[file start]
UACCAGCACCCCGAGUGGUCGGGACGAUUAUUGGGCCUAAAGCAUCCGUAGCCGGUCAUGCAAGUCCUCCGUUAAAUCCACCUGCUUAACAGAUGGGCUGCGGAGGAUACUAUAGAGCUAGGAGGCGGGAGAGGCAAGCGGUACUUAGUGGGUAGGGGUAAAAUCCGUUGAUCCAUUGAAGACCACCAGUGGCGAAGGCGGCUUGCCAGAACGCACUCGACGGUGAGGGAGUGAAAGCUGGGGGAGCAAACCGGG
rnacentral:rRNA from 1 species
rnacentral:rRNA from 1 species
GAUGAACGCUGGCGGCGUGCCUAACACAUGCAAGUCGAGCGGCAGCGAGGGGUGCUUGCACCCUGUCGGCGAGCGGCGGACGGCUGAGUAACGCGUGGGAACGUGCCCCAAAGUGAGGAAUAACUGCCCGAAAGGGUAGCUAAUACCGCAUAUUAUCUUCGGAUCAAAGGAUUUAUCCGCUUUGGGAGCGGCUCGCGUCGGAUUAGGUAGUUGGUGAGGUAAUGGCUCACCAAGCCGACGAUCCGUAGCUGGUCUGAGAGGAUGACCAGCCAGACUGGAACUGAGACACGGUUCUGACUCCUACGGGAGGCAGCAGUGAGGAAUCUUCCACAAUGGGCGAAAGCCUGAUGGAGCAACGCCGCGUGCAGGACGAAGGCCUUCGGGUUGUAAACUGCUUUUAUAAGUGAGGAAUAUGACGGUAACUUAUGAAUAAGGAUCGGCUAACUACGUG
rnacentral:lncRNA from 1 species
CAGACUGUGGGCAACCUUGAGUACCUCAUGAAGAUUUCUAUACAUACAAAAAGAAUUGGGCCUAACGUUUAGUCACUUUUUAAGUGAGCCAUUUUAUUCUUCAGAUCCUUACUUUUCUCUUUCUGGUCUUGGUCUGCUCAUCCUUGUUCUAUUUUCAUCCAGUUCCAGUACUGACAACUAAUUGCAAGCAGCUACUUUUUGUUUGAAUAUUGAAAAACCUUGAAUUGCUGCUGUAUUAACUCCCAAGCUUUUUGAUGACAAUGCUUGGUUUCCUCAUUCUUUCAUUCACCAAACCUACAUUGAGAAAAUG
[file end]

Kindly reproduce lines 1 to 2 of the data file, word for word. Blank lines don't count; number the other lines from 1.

UACCAGCACCCCGAGUGGUCGGGACGAUUAUUGGGCCUAAAGCAUCCGUAGCCGGUCAUGCAAGUCCUCCGUUAAAUCCACCUGCUUAACAGAUGGGCUGCGGAGGAUACUAUAGAGCUAGGAGGCGGGAGAGGCAAGCGGUACUUAGUGGGUAGGGGUAAAAUCCGUUGAUCCAUUGAAGACCACCAGUGGCGAAGGCGGCUUGCCAGAACGCACUCGACGGUGAGGGAGUGAAAGCUGGGGGAGCAAACCGGG
rnacentral:rRNA from 1 species